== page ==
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Air sacs are considered to be one of the controlling factors of bird behaviour and habits in addition to their roles in ventilation, regulating body temperature, swimming and flight. As a scavenger and an omnivorous flight bird, air sacs of the hooded crow were the focus of this study. Eight healthy, adult hooded crows were used to examine the morphological characteristics of the air sacs, which were examined grossly and with latex and cast preparations. In general, the morphological overview of the hooded crow air sacs is similar to other avian species. We observed nine air sacs; four paired sacs (cervical, cranial thoracic, caudal thoracic and abdominal air sacs) and one unpaired sac; the clavicular air sac. The cervical air sac communicated to the lung through the medioventral bronchus and had three diverticula; intermuscular, subscapular and subcutaneous. The clavicular air sac communicated with lung through the medioventral bronchus and had subscapular, axillary, humeral, subpectoral and sternal diverticula. The cranial and caudal thoracic air sacs were communicated with lung through the lateroventral bronchi and the both sacs did not have any diverticula. The abdominal air sacs were posterior to the caudal thoracic air sacs. The left abdominal sac was the largest air sac. The right and left abdominal sacs gave off branches to diverticula that pneumatized synsacrum. The abdominal air sacs gave off femoral diverticula behind the hip joint as well as perirenal diverticula.
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The aim of this study is to detect calcification of trachea and determination its appearance in different age of groups of laying hens. Using special dyes to detect deposits of calcium salts as well as using immunohistochemistry method, showing that the calcification in upper part of trachea does not appear at the age of 6 months, while in the lower part of which appeared simple calcification in the form of small foci. With age progress, the calcification of the hyaline cartilage of the trachea appears as foci with varying size carrying within them dark color calcium deposits. The calcified foci become occupy the large size of tracheal rings and degeneration and death of cartilaginous cells with appear in other somewhere of tracheal rings.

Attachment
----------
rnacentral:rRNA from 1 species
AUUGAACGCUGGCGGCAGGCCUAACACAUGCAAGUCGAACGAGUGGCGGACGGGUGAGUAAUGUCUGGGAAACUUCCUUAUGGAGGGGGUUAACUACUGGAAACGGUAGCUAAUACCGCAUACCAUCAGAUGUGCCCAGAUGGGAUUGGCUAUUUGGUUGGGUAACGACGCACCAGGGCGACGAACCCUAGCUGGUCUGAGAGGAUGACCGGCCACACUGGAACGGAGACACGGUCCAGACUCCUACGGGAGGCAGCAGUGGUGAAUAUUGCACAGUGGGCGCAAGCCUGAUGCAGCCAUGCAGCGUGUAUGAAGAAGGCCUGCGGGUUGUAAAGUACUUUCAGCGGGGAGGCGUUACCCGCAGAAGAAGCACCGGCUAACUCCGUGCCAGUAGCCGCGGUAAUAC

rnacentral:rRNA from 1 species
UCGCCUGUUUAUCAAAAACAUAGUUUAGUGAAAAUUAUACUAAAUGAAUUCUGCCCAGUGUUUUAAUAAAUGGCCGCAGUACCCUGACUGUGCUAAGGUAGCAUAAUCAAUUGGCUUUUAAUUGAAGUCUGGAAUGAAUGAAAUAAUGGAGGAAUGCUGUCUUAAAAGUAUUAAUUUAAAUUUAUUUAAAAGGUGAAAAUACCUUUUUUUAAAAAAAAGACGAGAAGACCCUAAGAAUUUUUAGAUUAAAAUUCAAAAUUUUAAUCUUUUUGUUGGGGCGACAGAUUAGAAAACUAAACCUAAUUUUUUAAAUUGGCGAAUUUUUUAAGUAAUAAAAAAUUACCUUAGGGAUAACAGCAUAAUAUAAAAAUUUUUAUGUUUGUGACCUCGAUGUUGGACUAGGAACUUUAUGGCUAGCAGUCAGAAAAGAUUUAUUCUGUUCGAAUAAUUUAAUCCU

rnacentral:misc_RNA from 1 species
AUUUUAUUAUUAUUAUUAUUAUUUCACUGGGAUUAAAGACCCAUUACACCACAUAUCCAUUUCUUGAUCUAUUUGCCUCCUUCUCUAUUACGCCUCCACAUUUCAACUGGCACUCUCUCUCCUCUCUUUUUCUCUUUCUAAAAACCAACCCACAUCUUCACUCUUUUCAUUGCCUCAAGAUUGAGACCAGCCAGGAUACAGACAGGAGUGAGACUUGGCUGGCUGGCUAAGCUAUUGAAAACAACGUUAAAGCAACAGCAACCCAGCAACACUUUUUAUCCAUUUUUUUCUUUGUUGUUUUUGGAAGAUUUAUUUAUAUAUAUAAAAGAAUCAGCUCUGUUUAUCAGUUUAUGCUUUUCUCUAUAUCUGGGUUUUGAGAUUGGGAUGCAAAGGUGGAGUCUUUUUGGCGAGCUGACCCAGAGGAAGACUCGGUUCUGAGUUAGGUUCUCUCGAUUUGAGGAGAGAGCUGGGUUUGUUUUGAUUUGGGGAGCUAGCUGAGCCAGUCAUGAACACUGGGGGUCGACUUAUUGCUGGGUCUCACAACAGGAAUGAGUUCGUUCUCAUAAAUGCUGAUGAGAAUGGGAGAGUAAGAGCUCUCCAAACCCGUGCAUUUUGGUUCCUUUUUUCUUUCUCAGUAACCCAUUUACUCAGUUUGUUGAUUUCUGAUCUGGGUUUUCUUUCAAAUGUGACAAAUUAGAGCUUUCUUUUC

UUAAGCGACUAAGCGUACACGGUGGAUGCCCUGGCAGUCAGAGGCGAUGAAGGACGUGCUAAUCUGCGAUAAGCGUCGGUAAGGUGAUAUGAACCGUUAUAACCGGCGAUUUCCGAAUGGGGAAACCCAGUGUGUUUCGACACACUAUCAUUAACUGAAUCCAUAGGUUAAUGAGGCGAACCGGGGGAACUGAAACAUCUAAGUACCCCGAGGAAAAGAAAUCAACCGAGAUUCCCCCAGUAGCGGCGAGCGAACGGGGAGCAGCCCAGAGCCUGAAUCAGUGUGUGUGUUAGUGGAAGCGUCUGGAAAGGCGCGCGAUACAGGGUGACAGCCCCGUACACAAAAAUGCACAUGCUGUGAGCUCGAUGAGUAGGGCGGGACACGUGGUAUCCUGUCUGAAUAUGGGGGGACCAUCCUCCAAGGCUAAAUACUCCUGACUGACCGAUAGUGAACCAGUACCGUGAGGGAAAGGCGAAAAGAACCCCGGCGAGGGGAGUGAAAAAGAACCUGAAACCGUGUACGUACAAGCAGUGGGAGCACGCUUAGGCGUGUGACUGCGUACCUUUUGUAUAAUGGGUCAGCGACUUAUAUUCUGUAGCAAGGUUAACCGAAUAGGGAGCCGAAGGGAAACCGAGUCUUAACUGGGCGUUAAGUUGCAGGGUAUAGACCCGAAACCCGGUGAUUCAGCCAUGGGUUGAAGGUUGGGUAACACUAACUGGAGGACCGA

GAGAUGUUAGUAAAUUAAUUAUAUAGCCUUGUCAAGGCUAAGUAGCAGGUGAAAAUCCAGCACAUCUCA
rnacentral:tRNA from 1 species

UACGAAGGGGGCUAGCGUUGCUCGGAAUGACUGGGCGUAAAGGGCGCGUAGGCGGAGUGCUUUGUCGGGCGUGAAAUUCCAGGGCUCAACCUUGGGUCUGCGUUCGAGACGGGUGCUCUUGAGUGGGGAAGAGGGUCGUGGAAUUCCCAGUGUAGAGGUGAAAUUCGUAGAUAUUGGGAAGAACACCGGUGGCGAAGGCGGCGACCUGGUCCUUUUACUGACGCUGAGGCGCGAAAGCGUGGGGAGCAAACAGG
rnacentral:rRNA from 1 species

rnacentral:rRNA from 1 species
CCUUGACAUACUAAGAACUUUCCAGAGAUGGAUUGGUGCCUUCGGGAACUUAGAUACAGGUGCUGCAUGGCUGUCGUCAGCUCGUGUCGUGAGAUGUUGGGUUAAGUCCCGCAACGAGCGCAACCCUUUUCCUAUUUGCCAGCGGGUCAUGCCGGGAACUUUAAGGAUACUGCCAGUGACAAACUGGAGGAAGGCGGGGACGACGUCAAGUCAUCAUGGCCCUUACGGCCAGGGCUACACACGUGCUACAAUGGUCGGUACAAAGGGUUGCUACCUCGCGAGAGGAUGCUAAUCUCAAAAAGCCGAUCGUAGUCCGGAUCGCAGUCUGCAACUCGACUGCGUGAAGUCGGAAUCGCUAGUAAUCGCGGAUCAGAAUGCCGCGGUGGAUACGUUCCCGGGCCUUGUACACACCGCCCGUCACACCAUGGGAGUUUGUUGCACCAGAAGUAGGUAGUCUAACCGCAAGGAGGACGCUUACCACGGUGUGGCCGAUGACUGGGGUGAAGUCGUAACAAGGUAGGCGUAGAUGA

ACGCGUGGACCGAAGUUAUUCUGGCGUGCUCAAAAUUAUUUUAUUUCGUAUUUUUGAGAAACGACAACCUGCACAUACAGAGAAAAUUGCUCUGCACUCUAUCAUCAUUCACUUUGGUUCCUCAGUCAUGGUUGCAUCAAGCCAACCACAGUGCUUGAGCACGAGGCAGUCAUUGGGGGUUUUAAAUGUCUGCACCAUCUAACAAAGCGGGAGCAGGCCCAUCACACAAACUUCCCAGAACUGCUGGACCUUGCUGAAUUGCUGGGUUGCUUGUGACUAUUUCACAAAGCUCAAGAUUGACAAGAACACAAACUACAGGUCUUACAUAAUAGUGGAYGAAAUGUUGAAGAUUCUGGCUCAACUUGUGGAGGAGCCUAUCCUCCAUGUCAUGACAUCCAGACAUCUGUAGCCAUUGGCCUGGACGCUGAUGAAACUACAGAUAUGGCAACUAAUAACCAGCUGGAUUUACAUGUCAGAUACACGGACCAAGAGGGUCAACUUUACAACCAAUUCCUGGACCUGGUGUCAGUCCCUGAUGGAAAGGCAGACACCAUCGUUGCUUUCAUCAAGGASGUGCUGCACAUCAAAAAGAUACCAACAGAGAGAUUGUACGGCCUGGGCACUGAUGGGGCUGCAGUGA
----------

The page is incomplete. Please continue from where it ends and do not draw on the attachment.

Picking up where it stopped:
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The present study was conducted on five healthy indigenous male turkeys at the first year of their age and live weight was (4715 ± 43.3 gm) collected from the center of Diwanyia city, our need to have a base line data on the respiratory system of this abundant species of bird in Iraq. It is expected that this work will provide a pivot for future research and subsequent clinical application as regards the biology of the turkey.After birds preparation the trachea dissected out and washing by normal saline solution (0.9% Nacl), then were fixed immediately in 10% formalin, then get ready for routine histological processing.Trachea was lined by respiratory epithelium (ciliated, pseudostratified columnar epithelium) with simple branched tubular mucous glands and goblet cells. Laminapropria-submucosa of the trachea was supported by hyaline cartilages and comprised of loose connective tissue, with large bundles of collagen fibers.
Article
The present study was conducted on five healthy indigenous male turkeys at the first year of their age and live weight was (4715 ± 43.3 gm) collected from the center of Diwanyia city, our need to have a base line data on the respiratory system of this abundant species of bird in Iraq. It is expected that this work will provide a pivot for future research and subsequent clinical application as regards the biology of the turkey.After birds preparation the trachea dissected out and washing by normal saline solution (0.9% Nacl), then were fixed immediately in 10% formalin, then get ready for routine histological processing.Trachea was lined by respiratory epithelium (ciliated, pseudostratified columnar epithelium) with simple branched tubular mucous glands and goblet cells. Laminapropria-submucosa of the trachea was supported by hyaline cartilages and comprised of loose connective tissue, with large bundles of collagen fibers
Article
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In the study, the macroanatomy of the bronchi and sacci pneumatici were examined in details in 7 domestic mature geese (Anser anser domesticus) with 4500-5000 g live weight. The left and right bronchus primarius seperated from trachea branched into four groups of bronchi secundarii that depart from the bronchus primarius called as bronchi mediodorsales (bmd), bronchi medioventrales (bmv), bronchi lateroventrales (blv), and bronchi laterodorsales (bld). The number of bmd, bmv, blv and bld were 4, 10, 10 and 25-30, respectively. It was seen that some of these bronchi were connected with pulmo and some of them were connected with sacci pneumatici. Totally seven sacci pneumatici were found in goose. Saccus thoracicus cranialis, saccus thoracicus caudalis and saccus abdominalis were in pair, however saccus cervicoclavicularis was single. It was determined that the saccus thoracicus cranialis and saccus thoracicus caudalis contained no diverticula and did not aerate any bones. It is first time that branching of the bronchi secundarii and relationship between branches of bronchi secundarii and sacci pneumatici in goose have been observed in the study.